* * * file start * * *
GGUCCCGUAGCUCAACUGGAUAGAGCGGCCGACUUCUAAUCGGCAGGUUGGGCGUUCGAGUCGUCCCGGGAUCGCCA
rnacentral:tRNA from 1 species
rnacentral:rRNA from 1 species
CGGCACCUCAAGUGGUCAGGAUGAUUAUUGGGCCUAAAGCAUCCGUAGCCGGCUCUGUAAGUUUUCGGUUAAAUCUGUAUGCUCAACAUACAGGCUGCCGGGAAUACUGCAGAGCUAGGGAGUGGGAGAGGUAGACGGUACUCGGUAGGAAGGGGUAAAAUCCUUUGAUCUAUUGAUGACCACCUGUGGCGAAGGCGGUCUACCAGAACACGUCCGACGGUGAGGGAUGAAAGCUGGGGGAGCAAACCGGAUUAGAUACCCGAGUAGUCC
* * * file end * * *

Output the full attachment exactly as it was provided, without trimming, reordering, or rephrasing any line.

GGUCCCGUAGCUCAACUGGAUAGAGCGGCCGACUUCUAAUCGGCAGGUUGGGCGUUCGAGUCGUCCCGGGAUCGCCA
rnacentral:tRNA from 1 species
rnacentral:rRNA from 1 species
CGGCACCUCAAGUGGUCAGGAUGAUUAUUGGGCCUAAAGCAUCCGUAGCCGGCUCUGUAAGUUUUCGGUUAAAUCUGUAUGCUCAACAUACAGGCUGCCGGGAAUACUGCAGAGCUAGGGAGUGGGAGAGGUAGACGGUACUCGGUAGGAAGGGGUAAAAUCCUUUGAUCUAUUGAUGACCACCUGUGGCGAAGGCGGUCUACCAGAACACGUCCGACGGUGAGGGAUGAAAGCUGGGGGAGCAAACCGGAUUAGAUACCCGAGUAGUCC